The sights are three-dot style with a narrow rear notch. The rear is drift adjustable, but the front is fixed. The dots are filled with a glow-in-the dark material that has a yellow tint and, in my testing, didn't glow enough in darkness to be useful. I found the front sight to be difficult to see in lighted conditions, so I repainted my sights with flat white enamel, which improved the sight picture greatly.The discoloration near the rails is just dirt from a recent range trip that I missed while cleaning.
The grip panels are hard plastic with a fairly smooth texture. Other users have reported success replacing them with other CZ-75 grips such as the factory SP01 rubber grips, though some grips might require enlarging or elongating the screw holes. I put on a Hogue wrap-around rubber grip with finger grooves and it fit fine with no modification.
The front and back of the grip are textured with vertical ribs and the front of the trigger guard is knurled for those that prefer to wrap their forefinger around it.
The Mec-gar magazines are metal with a polymer base plate and hold 17 rounds easily. Apparently, the 19-round CZ SP01 mags also fit (I have two on backorder). The mags drop freely, or I should say, are ejected from the spring force. The mag release is not reversible as far as I can tell.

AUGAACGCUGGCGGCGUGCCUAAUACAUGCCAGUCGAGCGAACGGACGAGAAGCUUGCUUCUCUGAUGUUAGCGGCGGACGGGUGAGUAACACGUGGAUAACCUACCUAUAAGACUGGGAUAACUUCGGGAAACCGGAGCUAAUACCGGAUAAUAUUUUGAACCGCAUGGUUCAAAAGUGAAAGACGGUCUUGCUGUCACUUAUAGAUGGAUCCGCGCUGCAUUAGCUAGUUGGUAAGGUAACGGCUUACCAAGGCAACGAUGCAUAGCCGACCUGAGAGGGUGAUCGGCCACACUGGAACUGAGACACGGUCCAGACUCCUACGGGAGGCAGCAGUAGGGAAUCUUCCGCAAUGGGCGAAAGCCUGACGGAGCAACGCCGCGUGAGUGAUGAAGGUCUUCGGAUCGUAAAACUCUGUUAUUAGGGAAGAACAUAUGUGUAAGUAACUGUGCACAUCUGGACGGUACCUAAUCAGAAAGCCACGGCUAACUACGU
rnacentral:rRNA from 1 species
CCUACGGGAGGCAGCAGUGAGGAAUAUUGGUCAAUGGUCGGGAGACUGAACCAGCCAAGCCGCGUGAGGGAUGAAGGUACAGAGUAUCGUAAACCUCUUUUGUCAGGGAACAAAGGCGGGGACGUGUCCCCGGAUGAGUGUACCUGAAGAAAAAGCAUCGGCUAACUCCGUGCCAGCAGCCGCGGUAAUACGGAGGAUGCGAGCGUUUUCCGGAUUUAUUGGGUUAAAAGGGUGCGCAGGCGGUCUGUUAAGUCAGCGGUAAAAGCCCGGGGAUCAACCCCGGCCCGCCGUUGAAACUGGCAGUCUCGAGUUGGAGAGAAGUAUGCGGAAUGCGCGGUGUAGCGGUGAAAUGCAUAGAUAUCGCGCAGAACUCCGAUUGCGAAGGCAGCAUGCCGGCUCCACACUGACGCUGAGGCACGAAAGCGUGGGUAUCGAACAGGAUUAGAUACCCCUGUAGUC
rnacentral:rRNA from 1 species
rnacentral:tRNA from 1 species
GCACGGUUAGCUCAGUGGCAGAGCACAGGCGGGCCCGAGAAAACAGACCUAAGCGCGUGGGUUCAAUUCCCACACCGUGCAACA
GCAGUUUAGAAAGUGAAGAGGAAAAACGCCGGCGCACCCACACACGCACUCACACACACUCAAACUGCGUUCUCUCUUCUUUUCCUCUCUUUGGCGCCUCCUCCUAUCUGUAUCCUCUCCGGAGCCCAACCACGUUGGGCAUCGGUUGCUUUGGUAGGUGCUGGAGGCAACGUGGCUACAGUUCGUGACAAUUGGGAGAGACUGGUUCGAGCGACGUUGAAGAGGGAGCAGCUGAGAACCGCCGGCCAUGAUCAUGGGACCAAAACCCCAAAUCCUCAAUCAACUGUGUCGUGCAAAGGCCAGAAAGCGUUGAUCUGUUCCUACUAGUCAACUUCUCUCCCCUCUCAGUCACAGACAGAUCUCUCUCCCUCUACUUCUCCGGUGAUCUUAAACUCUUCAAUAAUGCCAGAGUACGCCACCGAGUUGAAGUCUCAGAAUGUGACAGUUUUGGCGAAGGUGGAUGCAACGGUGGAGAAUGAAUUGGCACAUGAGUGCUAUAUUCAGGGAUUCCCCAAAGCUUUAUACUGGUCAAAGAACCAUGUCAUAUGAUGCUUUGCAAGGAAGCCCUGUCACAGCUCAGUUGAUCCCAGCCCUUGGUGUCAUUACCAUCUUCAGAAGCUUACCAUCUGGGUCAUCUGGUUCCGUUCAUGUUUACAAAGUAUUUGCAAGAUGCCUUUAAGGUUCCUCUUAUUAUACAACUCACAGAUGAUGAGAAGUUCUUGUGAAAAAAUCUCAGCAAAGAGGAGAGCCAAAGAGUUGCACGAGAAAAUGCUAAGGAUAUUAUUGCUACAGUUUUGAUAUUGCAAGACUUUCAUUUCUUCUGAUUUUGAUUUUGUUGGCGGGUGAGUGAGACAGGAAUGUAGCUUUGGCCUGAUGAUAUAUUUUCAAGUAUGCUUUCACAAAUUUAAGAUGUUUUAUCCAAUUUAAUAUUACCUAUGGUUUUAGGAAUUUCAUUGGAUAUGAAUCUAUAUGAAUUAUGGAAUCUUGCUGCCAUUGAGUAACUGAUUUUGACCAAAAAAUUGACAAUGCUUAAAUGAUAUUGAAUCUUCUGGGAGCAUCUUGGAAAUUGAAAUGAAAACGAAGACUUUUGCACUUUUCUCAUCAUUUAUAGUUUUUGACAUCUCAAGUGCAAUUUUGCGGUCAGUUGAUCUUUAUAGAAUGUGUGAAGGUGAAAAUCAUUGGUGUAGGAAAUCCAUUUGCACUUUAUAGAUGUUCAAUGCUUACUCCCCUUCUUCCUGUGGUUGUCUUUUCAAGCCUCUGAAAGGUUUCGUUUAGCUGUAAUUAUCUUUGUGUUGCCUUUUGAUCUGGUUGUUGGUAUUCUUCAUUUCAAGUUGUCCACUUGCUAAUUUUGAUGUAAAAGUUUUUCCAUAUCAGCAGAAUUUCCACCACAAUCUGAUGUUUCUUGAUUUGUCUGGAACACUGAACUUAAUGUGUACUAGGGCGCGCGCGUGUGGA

I've put about 100 rounds through the gun so far with no malfunctions (using Speer Lawman 115gr FMJ). Shell casings eject consistently to the right. It seems to be very accurate (more accurate than me), but shoots "on the dot", meaning that if you line up the three dots horizontally, the point of impact will be the center dot. This is fine for combat shooting, but is not great for bulls-eye shooting. I personally prefer the point of aim to be the top edge of the front blade, but I can adapt. This could also just be my sample and different ammo could also produce different results. The Canik55.com website
claims that all pistols go through an accuracy test and must achieve a 16cm group at 25 yards.
Recoil is mild and rapid-fire bursts are easy to control. My wife has decided that this is now her
gun, which suits me fine since she now looks forward to coming to the range with me.
My Streamlight TLR-1s fits perfectly on the rail using the 1913 key, which means I can move the light from the T-120 to my rifle without having to change the key. Here it is in it's HD role with the light and Hogue grip.
In summary, I think the TriStar T-120 is an excellent full-size 9mm handgun, expecially for the price. I would consider buying another model and recommend it enthusiastically to friends.